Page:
Harris’ plan also aims to provide access to child care for all children under 13, and increases federal funding to infant, toddler, and preschool programs. Like Warren’s plan, it increases federal funding for infant, toddler, and preschool programs. It also raises salaries for child care workers to be on par with elementary school teachers with comparable experience, although, again, like Warrens, Harris makes no mention of access to a union, benefits, or minimum educational requirements.
It has the same threshold of no more than 7% of income going to childcare as long as they earn less than 150% of their state’s median income. For reference, as of 2017, the median household income in California was $67,169.
Warren and Harris both share goal of universally accessible childcare, but how they get there differs slightly.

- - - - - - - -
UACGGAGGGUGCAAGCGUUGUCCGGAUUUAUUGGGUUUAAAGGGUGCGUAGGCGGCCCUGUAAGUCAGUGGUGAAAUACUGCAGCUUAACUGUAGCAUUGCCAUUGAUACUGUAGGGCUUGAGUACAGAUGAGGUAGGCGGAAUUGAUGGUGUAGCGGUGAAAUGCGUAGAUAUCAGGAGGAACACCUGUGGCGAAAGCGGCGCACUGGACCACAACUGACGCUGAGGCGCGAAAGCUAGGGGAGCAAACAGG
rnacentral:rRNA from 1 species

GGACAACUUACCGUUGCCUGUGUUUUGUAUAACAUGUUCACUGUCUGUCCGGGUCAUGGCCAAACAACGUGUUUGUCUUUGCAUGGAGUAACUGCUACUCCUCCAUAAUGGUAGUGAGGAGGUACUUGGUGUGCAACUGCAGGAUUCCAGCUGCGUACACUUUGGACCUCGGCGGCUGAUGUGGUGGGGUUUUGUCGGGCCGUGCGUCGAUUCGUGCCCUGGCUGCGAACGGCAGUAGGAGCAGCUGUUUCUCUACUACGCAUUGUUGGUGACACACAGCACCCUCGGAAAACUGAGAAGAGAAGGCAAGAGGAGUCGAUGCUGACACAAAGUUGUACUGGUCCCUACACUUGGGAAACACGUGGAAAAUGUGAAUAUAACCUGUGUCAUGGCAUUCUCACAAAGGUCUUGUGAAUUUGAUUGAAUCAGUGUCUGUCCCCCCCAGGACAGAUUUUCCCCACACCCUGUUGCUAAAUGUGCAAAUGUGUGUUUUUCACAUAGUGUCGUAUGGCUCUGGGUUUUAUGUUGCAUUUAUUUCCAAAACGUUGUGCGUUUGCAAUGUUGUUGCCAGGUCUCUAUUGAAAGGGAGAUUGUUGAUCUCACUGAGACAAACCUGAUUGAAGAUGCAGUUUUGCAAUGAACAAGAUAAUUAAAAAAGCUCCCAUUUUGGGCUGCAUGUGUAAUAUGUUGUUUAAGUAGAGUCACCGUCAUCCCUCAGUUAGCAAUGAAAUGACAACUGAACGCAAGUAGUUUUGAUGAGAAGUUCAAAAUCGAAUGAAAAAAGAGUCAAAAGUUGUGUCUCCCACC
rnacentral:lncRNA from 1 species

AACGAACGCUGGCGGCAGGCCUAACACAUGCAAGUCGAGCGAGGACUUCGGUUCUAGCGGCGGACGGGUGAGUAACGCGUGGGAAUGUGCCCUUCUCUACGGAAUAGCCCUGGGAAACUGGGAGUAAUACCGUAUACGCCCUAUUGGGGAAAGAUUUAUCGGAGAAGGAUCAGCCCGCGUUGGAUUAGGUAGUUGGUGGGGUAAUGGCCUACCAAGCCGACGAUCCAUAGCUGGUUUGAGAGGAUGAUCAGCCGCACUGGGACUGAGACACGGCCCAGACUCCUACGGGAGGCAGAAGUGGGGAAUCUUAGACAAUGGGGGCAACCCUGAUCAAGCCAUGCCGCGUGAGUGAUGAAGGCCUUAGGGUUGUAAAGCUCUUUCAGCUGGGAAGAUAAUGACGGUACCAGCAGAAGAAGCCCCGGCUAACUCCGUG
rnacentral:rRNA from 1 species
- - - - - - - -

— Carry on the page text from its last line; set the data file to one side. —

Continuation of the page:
Taryn Morrissey, a professor of public administration and policy at American University and the co-author of Cradle to Kindergarten: A New Plan to Combat Inequality told Vox, “Both of these plans would be huge improvements for everybody.”
When Vox reached out to O’Rourke, his campaign communications director Chris Evans said, “Beto is committed to ensuring that children have access to high-quality early childhood programs and that families do not have to make an impossible choice between going to work and providing care for their children.”
O’Rourke both co-sponsored the Child Care for Working Families Act when we was in Congress and supports universal pre-k for 3- and 4-year-olds. In addition, Evans said O’Rourke “would expand access to education and training programs, and demand that all workers, including child care workers, be guaranteed a living wage of at least $15 per hour,”
To our knowledge, there was no discussion around how the increased wage would impact independent childcare providers.